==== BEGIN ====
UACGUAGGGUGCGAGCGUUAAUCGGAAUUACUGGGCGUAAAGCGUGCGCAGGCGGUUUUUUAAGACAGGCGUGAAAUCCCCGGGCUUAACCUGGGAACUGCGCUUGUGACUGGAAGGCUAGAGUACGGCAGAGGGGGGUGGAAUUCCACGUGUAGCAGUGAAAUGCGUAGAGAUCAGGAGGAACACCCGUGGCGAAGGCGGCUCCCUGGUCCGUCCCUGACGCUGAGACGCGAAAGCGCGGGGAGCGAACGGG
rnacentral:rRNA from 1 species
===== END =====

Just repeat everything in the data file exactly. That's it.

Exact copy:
UACGUAGGGUGCGAGCGUUAAUCGGAAUUACUGGGCGUAAAGCGUGCGCAGGCGGUUUUUUAAGACAGGCGUGAAAUCCCCGGGCUUAACCUGGGAACUGCGCUUGUGACUGGAAGGCUAGAGUACGGCAGAGGGGGGUGGAAUUCCACGUGUAGCAGUGAAAUGCGUAGAGAUCAGGAGGAACACCCGUGGCGAAGGCGGCUCCCUGGUCCGUCCCUGACGCUGAGACGCGAAAGCGCGGGGAGCGAACGGG
rnacentral:rRNA from 1 species